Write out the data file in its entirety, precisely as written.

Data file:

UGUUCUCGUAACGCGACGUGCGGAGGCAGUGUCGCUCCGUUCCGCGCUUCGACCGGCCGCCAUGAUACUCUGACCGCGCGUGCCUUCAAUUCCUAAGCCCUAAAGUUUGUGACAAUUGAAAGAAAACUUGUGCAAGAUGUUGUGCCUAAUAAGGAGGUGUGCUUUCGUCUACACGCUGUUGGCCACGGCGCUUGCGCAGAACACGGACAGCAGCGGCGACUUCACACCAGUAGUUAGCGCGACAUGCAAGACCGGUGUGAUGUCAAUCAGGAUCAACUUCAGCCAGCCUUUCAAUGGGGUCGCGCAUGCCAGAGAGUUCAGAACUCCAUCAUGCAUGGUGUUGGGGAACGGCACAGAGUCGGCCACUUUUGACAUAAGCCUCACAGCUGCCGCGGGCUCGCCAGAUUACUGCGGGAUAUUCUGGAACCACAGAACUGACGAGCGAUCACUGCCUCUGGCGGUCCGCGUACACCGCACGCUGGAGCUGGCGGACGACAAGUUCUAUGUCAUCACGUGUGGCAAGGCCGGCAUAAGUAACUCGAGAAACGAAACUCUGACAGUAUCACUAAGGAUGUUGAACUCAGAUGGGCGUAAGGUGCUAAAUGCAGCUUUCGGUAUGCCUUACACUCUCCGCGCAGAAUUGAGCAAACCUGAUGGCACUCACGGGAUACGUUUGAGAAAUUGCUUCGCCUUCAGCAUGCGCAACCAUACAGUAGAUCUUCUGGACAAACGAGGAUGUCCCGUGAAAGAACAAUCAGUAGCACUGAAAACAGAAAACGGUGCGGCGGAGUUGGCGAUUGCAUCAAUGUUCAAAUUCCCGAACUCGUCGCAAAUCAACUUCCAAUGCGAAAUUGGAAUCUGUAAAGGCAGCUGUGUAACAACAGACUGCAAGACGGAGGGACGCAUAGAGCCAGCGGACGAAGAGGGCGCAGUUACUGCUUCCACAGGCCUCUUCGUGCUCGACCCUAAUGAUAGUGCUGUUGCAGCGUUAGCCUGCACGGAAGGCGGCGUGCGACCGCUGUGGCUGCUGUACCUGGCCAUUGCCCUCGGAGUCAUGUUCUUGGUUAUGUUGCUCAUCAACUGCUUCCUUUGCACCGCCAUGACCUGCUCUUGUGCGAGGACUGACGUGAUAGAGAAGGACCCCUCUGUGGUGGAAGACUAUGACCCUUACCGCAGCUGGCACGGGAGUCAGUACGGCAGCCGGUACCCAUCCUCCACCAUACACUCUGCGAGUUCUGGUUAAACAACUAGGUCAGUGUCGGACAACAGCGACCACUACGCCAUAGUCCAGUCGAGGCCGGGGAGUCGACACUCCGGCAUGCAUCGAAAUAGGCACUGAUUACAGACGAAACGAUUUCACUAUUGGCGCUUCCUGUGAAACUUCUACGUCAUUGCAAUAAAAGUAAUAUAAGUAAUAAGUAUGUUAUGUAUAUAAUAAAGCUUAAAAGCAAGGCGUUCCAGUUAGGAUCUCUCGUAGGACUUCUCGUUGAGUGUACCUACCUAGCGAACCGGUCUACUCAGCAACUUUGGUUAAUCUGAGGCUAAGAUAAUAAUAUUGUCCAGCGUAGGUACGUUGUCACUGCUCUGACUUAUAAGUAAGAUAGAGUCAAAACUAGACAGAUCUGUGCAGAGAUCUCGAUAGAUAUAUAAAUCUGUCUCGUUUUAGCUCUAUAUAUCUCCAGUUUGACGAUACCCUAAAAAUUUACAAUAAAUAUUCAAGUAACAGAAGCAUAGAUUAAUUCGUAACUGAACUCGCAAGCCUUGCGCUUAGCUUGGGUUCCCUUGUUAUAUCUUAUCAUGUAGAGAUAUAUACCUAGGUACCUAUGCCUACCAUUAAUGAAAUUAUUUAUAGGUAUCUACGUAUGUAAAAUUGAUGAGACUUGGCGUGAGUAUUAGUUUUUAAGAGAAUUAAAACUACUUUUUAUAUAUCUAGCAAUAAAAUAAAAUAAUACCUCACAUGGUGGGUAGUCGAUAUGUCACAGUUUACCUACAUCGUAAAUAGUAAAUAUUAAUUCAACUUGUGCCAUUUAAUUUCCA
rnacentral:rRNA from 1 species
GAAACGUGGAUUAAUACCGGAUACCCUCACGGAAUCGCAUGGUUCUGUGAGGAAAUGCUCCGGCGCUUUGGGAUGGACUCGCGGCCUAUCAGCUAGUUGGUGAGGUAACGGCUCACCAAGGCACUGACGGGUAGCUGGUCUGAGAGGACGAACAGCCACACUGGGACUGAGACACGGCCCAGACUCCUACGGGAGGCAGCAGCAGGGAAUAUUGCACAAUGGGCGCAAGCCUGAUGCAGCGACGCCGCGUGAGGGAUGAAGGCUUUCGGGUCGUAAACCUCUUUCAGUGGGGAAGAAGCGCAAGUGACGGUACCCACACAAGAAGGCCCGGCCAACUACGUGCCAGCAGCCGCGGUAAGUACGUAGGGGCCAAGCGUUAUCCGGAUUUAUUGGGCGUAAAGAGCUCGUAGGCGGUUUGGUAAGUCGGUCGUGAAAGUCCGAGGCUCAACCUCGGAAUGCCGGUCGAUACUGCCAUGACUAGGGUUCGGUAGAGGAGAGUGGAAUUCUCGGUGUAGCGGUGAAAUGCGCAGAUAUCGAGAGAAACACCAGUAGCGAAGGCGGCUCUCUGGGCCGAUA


UGUUCUCGUAACGCGACGUGCGGAGGCAGUGUCGCUCCGUUCCGCGCUUCGACCGGCCGCCAUGAUACUCUGACCGCGCGUGCCUUCAAUUCCUAAGCCCUAAAGUUUGUGACAAUUGAAAGAAAACUUGUGCAAGAUGUUGUGCCUAAUAAGGAGGUGUGCUUUCGUCUACACGCUGUUGGCCACGGCGCUUGCGCAGAACACGGACAGCAGCGGCGACUUCACACCAGUAGUUAGCGCGACAUGCAAGACCGGUGUGAUGUCAAUCAGGAUCAACUUCAGCCAGCCUUUCAAUGGGGUCGCGCAUGCCAGAGAGUUCAGAACUCCAUCAUGCAUGGUGUUGGGGAACGGCACAGAGUCGGCCACUUUUGACAUAAGCCUCACAGCUGCCGCGGGCUCGCCAGAUUACUGCGGGAUAUUCUGGAACCACAGAACUGACGAGCGAUCACUGCCUCUGGCGGUCCGCGUACACCGCACGCUGGAGCUGGCGGACGACAAGUUCUAUGUCAUCACGUGUGGCAAGGCCGGCAUAAGUAACUCGAGAAACGAAACUCUGACAGUAUCACUAAGGAUGUUGAACUCAGAUGGGCGUAAGGUGCUAAAUGCAGCUUUCGGUAUGCCUUACACUCUCCGCGCAGAAUUGAGCAAACCUGAUGGCACUCACGGGAUACGUUUGAGAAAUUGCUUCGCCUUCAGCAUGCGCAACCAUACAGUAGAUCUUCUGGACAAACGAGGAUGUCCCGUGAAAGAACAAUCAGUAGCACUGAAAACAGAAAACGGUGCGGCGGAGUUGGCGAUUGCAUCAAUGUUCAAAUUCCCGAACUCGUCGCAAAUCAACUUCCAAUGCGAAAUUGGAAUCUGUAAAGGCAGCUGUGUAACAACAGACUGCAAGACGGAGGGACGCAUAGAGCCAGCGGACGAAGAGGGCGCAGUUACUGCUUCCACAGGCCUCUUCGUGCUCGACCCUAAUGAUAGUGCUGUUGCAGCGUUAGCCUGCACGGAAGGCGGCGUGCGACCGCUGUGGCUGCUGUACCUGGCCAUUGCCCUCGGAGUCAUGUUCUUGGUUAUGUUGCUCAUCAACUGCUUCCUUUGCACCGCCAUGACCUGCUCUUGUGCGAGGACUGACGUGAUAGAGAAGGACCCCUCUGUGGUGGAAGACUAUGACCCUUACCGCAGCUGGCACGGGAGUCAGUACGGCAGCCGGUACCCAUCCUCCACCAUACACUCUGCGAGUUCUGGUUAAACAACUAGGUCAGUGUCGGACAACAGCGACCACUACGCCAUAGUCCAGUCGAGGCCGGGGAGUCGACACUCCGGCAUGCAUCGAAAUAGGCACUGAUUACAGACGAAACGAUUUCACUAUUGGCGCUUCCUGUGAAACUUCUACGUCAUUGCAAUAAAAGUAAUAUAAGUAAUAAGUAUGUUAUGUAUAUAAUAAAGCUUAAAAGCAAGGCGUUCCAGUUAGGAUCUCUCGUAGGACUUCUCGUUGAGUGUACCUACCUAGCGAACCGGUCUACUCAGCAACUUUGGUUAAUCUGAGGCUAAGAUAAUAAUAUUGUCCAGCGUAGGUACGUUGUCACUGCUCUGACUUAUAAGUAAGAUAGAGUCAAAACUAGACAGAUCUGUGCAGAGAUCUCGAUAGAUAUAUAAAUCUGUCUCGUUUUAGCUCUAUAUAUCUCCAGUUUGACGAUACCCUAAAAAUUUACAAUAAAUAUUCAAGUAACAGAAGCAUAGAUUAAUUCGUAACUGAACUCGCAAGCCUUGCGCUUAGCUUGGGUUCCCUUGUUAUAUCUUAUCAUGUAGAGAUAUAUACCUAGGUACCUAUGCCUACCAUUAAUGAAAUUAUUUAUAGGUAUCUACGUAUGUAAAAUUGAUGAGACUUGGCGUGAGUAUUAGUUUUUAAGAGAAUUAAAACUACUUUUUAUAUAUCUAGCAAUAAAAUAAAAUAAUACCUCACAUGGUGGGUAGUCGAUAUGUCACAGUUUACCUACAUCGUAAAUAGUAAAUAUUAAUUCAACUUGUGCCAUUUAAUUUCCA
rnacentral:rRNA from 1 species
GAAACGUGGAUUAAUACCGGAUACCCUCACGGAAUCGCAUGGUUCUGUGAGGAAAUGCUCCGGCGCUUUGGGAUGGACUCGCGGCCUAUCAGCUAGUUGGUGAGGUAACGGCUCACCAAGGCACUGACGGGUAGCUGGUCUGAGAGGACGAACAGCCACACUGGGACUGAGACACGGCCCAGACUCCUACGGGAGGCAGCAGCAGGGAAUAUUGCACAAUGGGCGCAAGCCUGAUGCAGCGACGCCGCGUGAGGGAUGAAGGCUUUCGGGUCGUAAACCUCUUUCAGUGGGGAAGAAGCGCAAGUGACGGUACCCACACAAGAAGGCCCGGCCAACUACGUGCCAGCAGCCGCGGUAAGUACGUAGGGGCCAAGCGUUAUCCGGAUUUAUUGGGCGUAAAGAGCUCGUAGGCGGUUUGGUAAGUCGGUCGUGAAAGUCCGAGGCUCAACCUCGGAAUGCCGGUCGAUACUGCCAUGACUAGGGUUCGGUAGAGGAGAGUGGAAUUCUCGGUGUAGCGGUGAAAUGCGCAGAUAUCGAGAGAAACACCAGUAGCGAAGGCGGCUCUCUGGGCCGAUA